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Title:Aerobic and anaerobic activity metabolism of an elasmobranch
Author(s):Bouyoucos, Ian Alexander
Advisor(s):Suski, Cory D
Contributor(s):Schooley, Robert L; Ward, Michael P
Department / Program:Natural Res & Env Sci
Discipline:Natural Res & Env Sciences
Degree Granting Institution:University of Illinois at Urbana-Champaign
Degree:M.S.
Genre:Thesis
Subject(s):Accelerometry
Behavior
Bioenergetics
Longline
Respirometry
Shark
Abstract:Animals have finite energy stores and rates at which organisms acquire and use energy can have consequences for fitness. Furthermore, net rates of energy gain or loss can be affected in unknown or unpredictable ways in response to anthropogenic or environmental stressors. Elasmobranchs, in particular, represent some of the most exploited vertebrate taxa on the planet, and many species are data deficient with regard to a basic understanding of energetics or how stressors alter patterns of energy use and allocation. Therefore, the focus of this research was to define relationships between the behavior and energy use for a species of shark both undisturbed in the wild and subjected to the stress of fishing capture. To accomplish this goal, two complimentary series of experiments were conducted to define the frequency and energetic costs of different swimming behaviors in wild, free-swimming sharks (chapter one), and to define the effect of simulated commercial longline fishing capture on the swimming behavior and energy use of a shark (chapter two). The study presented in chapter one offered new insight into the energetics and behavioral partitioning of wild sharks, thereby providing a baseline from which to assess behavioral and, therefore, energetic responses of sharks to stressors. The study presented in chapter two offered an enhanced understanding of the energetics and behavioral responses of sharks to commercial longline capture, with implications for mitigating sub-lethal outcomes of fisheries capture for incidentally caught and released sharks. Together, these studies offer insight into why sharks behave the way they do, stressed or unstressed, and the energetic consequences of their actions, with application to elasmobranch conservation.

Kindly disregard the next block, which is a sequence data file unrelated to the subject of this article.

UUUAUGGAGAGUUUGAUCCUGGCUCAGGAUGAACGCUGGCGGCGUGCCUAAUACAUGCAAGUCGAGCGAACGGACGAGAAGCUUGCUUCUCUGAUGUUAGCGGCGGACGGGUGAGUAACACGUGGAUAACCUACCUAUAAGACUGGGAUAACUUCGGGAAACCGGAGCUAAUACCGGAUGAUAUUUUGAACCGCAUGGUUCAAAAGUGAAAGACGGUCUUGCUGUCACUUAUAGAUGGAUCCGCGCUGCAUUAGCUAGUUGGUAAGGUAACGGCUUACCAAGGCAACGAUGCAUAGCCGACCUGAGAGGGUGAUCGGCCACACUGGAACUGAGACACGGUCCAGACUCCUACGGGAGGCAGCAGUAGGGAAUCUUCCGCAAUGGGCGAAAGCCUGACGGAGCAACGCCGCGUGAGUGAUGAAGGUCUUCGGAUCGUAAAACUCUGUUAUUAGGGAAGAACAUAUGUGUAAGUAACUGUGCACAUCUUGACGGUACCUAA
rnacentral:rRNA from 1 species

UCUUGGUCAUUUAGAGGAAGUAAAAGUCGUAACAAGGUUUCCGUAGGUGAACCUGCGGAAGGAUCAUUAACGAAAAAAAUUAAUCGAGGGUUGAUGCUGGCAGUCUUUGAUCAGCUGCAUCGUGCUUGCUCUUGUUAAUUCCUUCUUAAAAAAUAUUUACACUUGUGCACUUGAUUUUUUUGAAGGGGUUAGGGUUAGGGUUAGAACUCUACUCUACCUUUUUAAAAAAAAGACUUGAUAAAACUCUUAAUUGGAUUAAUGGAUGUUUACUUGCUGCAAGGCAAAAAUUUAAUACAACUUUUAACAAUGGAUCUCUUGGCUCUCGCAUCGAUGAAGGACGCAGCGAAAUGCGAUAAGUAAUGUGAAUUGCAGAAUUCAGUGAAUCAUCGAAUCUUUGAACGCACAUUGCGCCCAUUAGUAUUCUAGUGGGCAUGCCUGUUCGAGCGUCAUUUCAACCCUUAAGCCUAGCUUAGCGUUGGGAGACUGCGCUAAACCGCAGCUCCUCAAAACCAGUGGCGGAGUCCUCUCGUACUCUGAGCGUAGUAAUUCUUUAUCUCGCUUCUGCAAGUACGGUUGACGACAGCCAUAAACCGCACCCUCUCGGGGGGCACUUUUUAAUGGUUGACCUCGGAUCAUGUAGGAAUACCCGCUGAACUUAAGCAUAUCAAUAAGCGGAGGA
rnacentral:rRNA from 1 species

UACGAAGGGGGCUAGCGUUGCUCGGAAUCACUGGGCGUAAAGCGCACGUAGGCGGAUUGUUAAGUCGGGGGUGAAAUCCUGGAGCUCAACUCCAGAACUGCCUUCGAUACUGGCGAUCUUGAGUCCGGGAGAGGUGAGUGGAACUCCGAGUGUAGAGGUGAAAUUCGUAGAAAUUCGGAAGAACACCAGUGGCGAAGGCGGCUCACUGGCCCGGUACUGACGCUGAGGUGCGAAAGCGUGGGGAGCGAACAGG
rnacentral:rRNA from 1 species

Issue Date:2016-06-30
Type:Thesis
URI:http://hdl.handle.net/2142/92739
Rights Information:Copyright 2016 Ian Bouyoucos
Date Available in IDEALS:2016-11-10
Date Deposited:2016-08


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